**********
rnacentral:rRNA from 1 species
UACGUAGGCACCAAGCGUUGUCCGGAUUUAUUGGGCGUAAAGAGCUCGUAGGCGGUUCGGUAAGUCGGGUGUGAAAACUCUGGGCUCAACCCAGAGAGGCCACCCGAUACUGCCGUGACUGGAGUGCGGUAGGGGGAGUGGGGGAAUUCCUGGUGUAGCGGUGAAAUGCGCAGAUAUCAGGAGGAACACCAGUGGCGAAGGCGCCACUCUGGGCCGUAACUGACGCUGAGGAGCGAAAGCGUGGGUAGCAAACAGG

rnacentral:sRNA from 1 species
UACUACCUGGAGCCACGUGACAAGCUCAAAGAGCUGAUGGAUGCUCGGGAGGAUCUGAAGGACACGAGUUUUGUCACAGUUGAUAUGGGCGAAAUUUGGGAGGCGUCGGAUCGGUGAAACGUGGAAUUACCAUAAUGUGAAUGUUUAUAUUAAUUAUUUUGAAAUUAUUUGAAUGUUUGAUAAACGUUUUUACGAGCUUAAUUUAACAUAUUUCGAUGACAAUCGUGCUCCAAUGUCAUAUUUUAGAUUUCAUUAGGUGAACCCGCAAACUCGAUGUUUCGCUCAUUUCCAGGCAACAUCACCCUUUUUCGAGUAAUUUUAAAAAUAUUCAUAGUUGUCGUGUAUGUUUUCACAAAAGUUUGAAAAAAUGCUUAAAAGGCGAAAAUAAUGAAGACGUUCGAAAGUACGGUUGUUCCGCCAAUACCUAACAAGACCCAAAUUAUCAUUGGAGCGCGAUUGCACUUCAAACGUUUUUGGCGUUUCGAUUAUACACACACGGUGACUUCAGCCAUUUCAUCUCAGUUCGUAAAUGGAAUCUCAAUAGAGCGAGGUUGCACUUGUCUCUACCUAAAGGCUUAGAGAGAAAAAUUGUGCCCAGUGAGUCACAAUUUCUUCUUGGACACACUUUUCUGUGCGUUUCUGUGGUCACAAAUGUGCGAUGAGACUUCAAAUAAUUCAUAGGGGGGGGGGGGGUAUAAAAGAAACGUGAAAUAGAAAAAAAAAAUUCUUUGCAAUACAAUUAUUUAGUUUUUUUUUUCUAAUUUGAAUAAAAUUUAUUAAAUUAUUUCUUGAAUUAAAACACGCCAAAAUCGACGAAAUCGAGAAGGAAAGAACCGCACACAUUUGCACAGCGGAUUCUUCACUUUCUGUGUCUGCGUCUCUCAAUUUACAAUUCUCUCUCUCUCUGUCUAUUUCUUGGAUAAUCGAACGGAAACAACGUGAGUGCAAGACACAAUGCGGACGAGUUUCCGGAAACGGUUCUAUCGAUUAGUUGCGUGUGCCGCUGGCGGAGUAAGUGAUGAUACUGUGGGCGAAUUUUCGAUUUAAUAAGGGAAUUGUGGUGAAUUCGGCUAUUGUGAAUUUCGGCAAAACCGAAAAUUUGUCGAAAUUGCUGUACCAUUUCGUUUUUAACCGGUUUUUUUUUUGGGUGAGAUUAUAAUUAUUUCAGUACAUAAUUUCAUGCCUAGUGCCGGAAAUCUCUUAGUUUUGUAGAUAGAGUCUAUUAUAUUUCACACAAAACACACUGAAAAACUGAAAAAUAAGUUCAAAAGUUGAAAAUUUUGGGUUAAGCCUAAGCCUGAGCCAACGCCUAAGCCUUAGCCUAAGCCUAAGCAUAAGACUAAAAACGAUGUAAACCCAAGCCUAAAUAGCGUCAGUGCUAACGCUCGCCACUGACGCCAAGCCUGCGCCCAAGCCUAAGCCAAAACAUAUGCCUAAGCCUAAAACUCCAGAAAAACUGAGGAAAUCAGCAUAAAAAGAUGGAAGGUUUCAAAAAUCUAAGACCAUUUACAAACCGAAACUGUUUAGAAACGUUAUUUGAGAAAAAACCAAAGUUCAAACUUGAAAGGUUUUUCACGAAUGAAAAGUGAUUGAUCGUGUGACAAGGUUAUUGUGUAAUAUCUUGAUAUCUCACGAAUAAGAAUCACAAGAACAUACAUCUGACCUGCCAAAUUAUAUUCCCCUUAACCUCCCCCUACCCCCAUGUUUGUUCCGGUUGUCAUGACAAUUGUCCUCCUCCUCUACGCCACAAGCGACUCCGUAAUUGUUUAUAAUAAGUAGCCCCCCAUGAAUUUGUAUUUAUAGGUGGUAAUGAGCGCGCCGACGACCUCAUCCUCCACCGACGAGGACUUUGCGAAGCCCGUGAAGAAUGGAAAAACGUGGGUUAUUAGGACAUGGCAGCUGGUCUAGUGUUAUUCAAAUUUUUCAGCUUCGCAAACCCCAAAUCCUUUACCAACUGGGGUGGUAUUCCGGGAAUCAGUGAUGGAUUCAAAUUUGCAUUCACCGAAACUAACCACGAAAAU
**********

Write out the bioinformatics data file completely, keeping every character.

rnacentral:rRNA from 1 species
UACGUAGGCACCAAGCGUUGUCCGGAUUUAUUGGGCGUAAAGAGCUCGUAGGCGGUUCGGUAAGUCGGGUGUGAAAACUCUGGGCUCAACCCAGAGAGGCCACCCGAUACUGCCGUGACUGGAGUGCGGUAGGGGGAGUGGGGGAAUUCCUGGUGUAGCGGUGAAAUGCGCAGAUAUCAGGAGGAACACCAGUGGCGAAGGCGCCACUCUGGGCCGUAACUGACGCUGAGGAGCGAAAGCGUGGGUAGCAAACAGG

rnacentral:sRNA from 1 species
UACUACCUGGAGCCACGUGACAAGCUCAAAGAGCUGAUGGAUGCUCGGGAGGAUCUGAAGGACACGAGUUUUGUCACAGUUGAUAUGGGCGAAAUUUGGGAGGCGUCGGAUCGGUGAAACGUGGAAUUACCAUAAUGUGAAUGUUUAUAUUAAUUAUUUUGAAAUUAUUUGAAUGUUUGAUAAACGUUUUUACGAGCUUAAUUUAACAUAUUUCGAUGACAAUCGUGCUCCAAUGUCAUAUUUUAGAUUUCAUUAGGUGAACCCGCAAACUCGAUGUUUCGCUCAUUUCCAGGCAACAUCACCCUUUUUCGAGUAAUUUUAAAAAUAUUCAUAGUUGUCGUGUAUGUUUUCACAAAAGUUUGAAAAAAUGCUUAAAAGGCGAAAAUAAUGAAGACGUUCGAAAGUACGGUUGUUCCGCCAAUACCUAACAAGACCCAAAUUAUCAUUGGAGCGCGAUUGCACUUCAAACGUUUUUGGCGUUUCGAUUAUACACACACGGUGACUUCAGCCAUUUCAUCUCAGUUCGUAAAUGGAAUCUCAAUAGAGCGAGGUUGCACUUGUCUCUACCUAAAGGCUUAGAGAGAAAAAUUGUGCCCAGUGAGUCACAAUUUCUUCUUGGACACACUUUUCUGUGCGUUUCUGUGGUCACAAAUGUGCGAUGAGACUUCAAAUAAUUCAUAGGGGGGGGGGGGGUAUAAAAGAAACGUGAAAUAGAAAAAAAAAAUUCUUUGCAAUACAAUUAUUUAGUUUUUUUUUUCUAAUUUGAAUAAAAUUUAUUAAAUUAUUUCUUGAAUUAAAACACGCCAAAAUCGACGAAAUCGAGAAGGAAAGAACCGCACACAUUUGCACAGCGGAUUCUUCACUUUCUGUGUCUGCGUCUCUCAAUUUACAAUUCUCUCUCUCUCUGUCUAUUUCUUGGAUAAUCGAACGGAAACAACGUGAGUGCAAGACACAAUGCGGACGAGUUUCCGGAAACGGUUCUAUCGAUUAGUUGCGUGUGCCGCUGGCGGAGUAAGUGAUGAUACUGUGGGCGAAUUUUCGAUUUAAUAAGGGAAUUGUGGUGAAUUCGGCUAUUGUGAAUUUCGGCAAAACCGAAAAUUUGUCGAAAUUGCUGUACCAUUUCGUUUUUAACCGGUUUUUUUUUUGGGUGAGAUUAUAAUUAUUUCAGUACAUAAUUUCAUGCCUAGUGCCGGAAAUCUCUUAGUUUUGUAGAUAGAGUCUAUUAUAUUUCACACAAAACACACUGAAAAACUGAAAAAUAAGUUCAAAAGUUGAAAAUUUUGGGUUAAGCCUAAGCCUGAGCCAACGCCUAAGCCUUAGCCUAAGCCUAAGCAUAAGACUAAAAACGAUGUAAACCCAAGCCUAAAUAGCGUCAGUGCUAACGCUCGCCACUGACGCCAAGCCUGCGCCCAAGCCUAAGCCAAAACAUAUGCCUAAGCCUAAAACUCCAGAAAAACUGAGGAAAUCAGCAUAAAAAGAUGGAAGGUUUCAAAAAUCUAAGACCAUUUACAAACCGAAACUGUUUAGAAACGUUAUUUGAGAAAAAACCAAAGUUCAAACUUGAAAGGUUUUUCACGAAUGAAAAGUGAUUGAUCGUGUGACAAGGUUAUUGUGUAAUAUCUUGAUAUCUCACGAAUAAGAAUCACAAGAACAUACAUCUGACCUGCCAAAUUAUAUUCCCCUUAACCUCCCCCUACCCCCAUGUUUGUUCCGGUUGUCAUGACAAUUGUCCUCCUCCUCUACGCCACAAGCGACUCCGUAAUUGUUUAUAAUAAGUAGCCCCCCAUGAAUUUGUAUUUAUAGGUGGUAAUGAGCGCGCCGACGACCUCAUCCUCCACCGACGAGGACUUUGCGAAGCCCGUGAAGAAUGGAAAAACGUGGGUUAUUAGGACAUGGCAGCUGGUCUAGUGUUAUUCAAAUUUUUCAGCUUCGCAAACCCCAAAUCCUUUACCAACUGGGGUGGUAUUCCGGGAAUCAGUGAUGGAUUCAAAUUUGCAUUCACCGAAACUAACCACGAAAAU